New Delhi : The legality of the bullfight events, known as Jallikattu as part of Pongal festivities in Tamil Nadu, will be now vetted by a Constitution Bench of five judges.
A similar bullfight game known as Dhirio is played in the villages of Goa despite the Apex Court’s ban.
A Bench of Chief Justice Dipak Misra and Justice Rohinton Fali Nariman on Friday washed its hands off the challenge to a Tamil Nadu law permitting Jallikattu, saying the petitions require authoritative decision on “substantial questions relating to the interpretation of the Constitution.”
In the brief order written by Justice Nariman, the Bench set five questions to be examined by the Constitution Bench besides other questions raised in the petitions of the Animal Welfare Board of India and 12 others.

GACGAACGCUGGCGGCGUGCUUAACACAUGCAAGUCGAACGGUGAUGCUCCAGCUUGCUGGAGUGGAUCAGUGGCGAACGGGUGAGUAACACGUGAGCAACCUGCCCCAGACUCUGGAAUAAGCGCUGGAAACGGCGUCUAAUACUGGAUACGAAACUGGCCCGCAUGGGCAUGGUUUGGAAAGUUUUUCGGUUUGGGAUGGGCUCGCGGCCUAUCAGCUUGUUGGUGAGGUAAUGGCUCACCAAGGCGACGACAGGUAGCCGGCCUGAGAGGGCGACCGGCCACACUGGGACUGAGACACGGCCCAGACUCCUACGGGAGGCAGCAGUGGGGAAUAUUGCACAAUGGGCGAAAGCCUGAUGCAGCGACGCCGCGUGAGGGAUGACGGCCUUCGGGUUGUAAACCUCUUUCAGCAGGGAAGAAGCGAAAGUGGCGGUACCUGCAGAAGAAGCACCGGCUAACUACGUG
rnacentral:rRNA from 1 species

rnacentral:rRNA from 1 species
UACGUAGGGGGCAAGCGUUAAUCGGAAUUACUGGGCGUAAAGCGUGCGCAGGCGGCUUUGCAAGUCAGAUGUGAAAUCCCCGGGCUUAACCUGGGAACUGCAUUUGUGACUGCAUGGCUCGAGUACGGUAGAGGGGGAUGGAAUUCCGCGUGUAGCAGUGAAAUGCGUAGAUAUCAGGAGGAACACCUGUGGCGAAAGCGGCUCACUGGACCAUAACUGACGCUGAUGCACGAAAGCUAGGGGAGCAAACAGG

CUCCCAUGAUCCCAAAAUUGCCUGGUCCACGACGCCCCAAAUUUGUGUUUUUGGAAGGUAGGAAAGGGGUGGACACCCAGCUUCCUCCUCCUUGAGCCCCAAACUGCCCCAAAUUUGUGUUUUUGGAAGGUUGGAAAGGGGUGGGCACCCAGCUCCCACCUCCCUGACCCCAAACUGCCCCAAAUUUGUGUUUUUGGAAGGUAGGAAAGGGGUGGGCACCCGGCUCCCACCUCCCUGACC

The petitions were originally filed to quash a notification issued by the Centre on January 7, 2016, but amended with some new petitions in 2017 and 2018 also to quash the Prevention of Cruelty to Animals (Tamil Nadu amendment) Act that received the Presidential assent on January 31, 2017.
The Tamil Nadu government had justified the law enacted by the state assembly on the ground that Jallikattu was a custom practised for centuries and could not be curbed by invoking the statutory barriers.
In one of the hearings earlier, the Chief Justice had indicated that the matter may be referred to the Constitution Bench “to resolve the issue once for all.”